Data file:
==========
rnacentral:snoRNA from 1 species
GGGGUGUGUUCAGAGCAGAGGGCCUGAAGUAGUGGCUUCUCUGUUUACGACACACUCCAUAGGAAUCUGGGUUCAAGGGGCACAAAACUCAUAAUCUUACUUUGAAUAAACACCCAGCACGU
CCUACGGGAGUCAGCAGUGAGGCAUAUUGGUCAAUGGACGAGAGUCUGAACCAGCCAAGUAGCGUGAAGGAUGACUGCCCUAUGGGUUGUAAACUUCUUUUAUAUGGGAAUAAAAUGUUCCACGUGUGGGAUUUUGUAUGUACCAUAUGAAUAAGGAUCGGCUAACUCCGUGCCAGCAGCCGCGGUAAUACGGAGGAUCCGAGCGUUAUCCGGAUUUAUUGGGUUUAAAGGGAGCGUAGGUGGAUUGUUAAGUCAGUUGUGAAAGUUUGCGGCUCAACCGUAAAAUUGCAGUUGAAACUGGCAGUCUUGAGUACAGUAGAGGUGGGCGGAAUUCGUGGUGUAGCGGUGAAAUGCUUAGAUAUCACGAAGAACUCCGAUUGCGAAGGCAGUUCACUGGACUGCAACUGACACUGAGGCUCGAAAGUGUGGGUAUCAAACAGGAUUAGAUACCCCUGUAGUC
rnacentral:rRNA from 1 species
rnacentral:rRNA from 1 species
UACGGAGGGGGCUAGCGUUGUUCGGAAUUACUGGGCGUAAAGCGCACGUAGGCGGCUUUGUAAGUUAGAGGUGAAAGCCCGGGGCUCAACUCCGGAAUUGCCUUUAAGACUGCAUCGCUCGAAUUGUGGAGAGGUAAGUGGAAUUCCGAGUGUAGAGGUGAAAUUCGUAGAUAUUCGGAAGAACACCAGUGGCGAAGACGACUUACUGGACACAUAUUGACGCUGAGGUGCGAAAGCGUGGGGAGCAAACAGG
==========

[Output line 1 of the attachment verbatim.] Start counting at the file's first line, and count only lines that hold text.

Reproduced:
rnacentral:snoRNA from 1 species